Why Some Penn State Students Don’t THON
UNIVERSITY PARK, Pa.- THON is one of the great long standing traditions at Penn State, where there is typically a huge turnout of students who love to participate every year.
Students not only have a great time at THON, but they are part of a mission for a great cause. THON’s mission is to raise money to better the lives of families and their children who are living with childhood cancer.
While THON is an exciting event for many in support of a great cause, it is not for everyone.
Some students feel that being part of THON is a huge commitment that requires a lot of time and dedication.
THON is not just a two-day event, but also requires many hours that go into raising money for the cause.
A student’s life is busy with classes, tests and other outside commitments. THON requires a lot of time and dedication, and some students feel that they can not handle THON and their other work load.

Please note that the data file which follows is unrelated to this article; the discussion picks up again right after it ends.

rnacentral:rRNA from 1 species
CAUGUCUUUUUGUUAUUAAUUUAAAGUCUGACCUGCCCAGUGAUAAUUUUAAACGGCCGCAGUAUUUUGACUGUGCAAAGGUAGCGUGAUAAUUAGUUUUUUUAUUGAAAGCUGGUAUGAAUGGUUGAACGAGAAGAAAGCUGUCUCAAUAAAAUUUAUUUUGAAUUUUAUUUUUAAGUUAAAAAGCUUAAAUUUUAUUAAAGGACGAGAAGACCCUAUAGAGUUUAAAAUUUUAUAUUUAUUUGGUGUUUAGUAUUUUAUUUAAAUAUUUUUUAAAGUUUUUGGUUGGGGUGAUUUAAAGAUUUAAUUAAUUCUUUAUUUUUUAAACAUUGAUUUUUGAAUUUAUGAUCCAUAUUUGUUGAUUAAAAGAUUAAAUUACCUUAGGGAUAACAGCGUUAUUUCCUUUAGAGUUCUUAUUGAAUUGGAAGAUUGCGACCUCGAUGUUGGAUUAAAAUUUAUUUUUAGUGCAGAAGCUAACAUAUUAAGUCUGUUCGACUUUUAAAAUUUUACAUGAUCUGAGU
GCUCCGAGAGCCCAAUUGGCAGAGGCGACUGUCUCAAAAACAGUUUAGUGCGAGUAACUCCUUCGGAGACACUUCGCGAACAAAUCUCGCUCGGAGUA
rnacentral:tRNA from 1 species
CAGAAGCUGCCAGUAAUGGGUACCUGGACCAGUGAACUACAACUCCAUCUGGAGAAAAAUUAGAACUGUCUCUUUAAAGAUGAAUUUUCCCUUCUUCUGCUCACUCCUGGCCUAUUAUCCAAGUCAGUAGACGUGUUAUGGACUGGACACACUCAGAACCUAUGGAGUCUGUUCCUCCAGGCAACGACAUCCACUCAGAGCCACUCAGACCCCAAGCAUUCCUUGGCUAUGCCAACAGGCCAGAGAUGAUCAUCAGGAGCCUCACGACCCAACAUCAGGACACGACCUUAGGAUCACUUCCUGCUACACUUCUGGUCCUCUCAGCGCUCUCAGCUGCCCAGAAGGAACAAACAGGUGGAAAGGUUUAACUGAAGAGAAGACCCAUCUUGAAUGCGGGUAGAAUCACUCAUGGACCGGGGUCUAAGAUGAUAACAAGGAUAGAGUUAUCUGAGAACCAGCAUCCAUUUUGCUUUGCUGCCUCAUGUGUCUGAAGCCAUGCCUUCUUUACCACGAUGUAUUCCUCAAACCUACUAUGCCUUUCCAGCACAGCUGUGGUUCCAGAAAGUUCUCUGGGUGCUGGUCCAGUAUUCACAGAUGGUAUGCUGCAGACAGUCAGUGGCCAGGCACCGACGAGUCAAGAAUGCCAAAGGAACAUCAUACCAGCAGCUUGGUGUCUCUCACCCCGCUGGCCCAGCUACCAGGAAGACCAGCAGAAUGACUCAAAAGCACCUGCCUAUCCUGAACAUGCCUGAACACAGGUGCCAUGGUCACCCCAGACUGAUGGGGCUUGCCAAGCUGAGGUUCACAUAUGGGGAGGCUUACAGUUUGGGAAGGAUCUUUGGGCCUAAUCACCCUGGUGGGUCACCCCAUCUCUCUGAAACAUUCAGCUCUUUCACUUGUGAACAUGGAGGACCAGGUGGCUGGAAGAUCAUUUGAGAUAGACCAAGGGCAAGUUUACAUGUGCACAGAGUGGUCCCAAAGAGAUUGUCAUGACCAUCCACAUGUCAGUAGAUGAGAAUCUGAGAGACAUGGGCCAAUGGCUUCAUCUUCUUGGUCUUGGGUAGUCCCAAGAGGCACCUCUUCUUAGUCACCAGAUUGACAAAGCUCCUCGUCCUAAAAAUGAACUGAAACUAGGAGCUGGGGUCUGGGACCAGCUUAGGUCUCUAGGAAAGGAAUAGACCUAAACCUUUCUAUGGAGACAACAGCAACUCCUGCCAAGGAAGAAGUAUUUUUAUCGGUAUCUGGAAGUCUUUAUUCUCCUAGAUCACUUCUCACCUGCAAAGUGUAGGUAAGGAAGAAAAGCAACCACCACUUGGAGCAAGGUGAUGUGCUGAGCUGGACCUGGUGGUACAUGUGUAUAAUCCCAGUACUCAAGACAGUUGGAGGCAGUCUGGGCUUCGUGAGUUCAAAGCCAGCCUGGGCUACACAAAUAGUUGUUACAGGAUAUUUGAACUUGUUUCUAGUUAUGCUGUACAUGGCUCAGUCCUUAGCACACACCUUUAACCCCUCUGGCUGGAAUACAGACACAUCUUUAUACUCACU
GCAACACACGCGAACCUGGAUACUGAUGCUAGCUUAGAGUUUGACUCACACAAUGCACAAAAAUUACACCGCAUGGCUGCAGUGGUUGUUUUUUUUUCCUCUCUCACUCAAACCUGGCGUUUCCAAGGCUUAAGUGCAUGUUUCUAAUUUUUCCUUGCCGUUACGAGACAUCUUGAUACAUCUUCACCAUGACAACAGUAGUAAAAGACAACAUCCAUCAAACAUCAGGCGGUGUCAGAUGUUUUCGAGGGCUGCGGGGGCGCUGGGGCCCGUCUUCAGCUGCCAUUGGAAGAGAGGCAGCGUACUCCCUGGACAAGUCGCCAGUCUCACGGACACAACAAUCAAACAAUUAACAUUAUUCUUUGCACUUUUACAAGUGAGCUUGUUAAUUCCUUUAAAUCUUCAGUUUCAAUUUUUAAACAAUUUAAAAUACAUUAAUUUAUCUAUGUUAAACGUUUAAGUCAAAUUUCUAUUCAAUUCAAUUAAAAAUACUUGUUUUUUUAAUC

The last year has been dominated by COVID-19, and THON, like most things, has been impacted by it. For the first time ever, THON has been moved to an online, virtual experience.
With THON being virtual, it has definitely affected people’s decision to participate. Freshman James Harrington is one of the many freshmen that have decided not to participate in THON this year.
“I am not in THON this year mostly because it is virtual,” Harrington said. “With THON not being in person, there is not that much reason for me to be there.”
Harrington had heard so much about THON, and was excited to join. However, with THON being virtual, it does not have the same feeling.
“I think a lot of THON is the in person activity, meeting new people, and dancing for 46 hours,” Harrington said.
Unfortunately, because of the pandemic, it appears as if a number of freshmen have been discouraged to join THON this year. The in-person experience is very hard to replicate by shifting to an online experience.
Many people can not envision exactly how THON will work this year and participation may be less than usual. Hopefully, once the pandemic is behind us, THON will be back to the level where it always has been.
Aidan Torok is a freshman majoring in broadcast journalism. You can contact him at firstname.lastname@example.org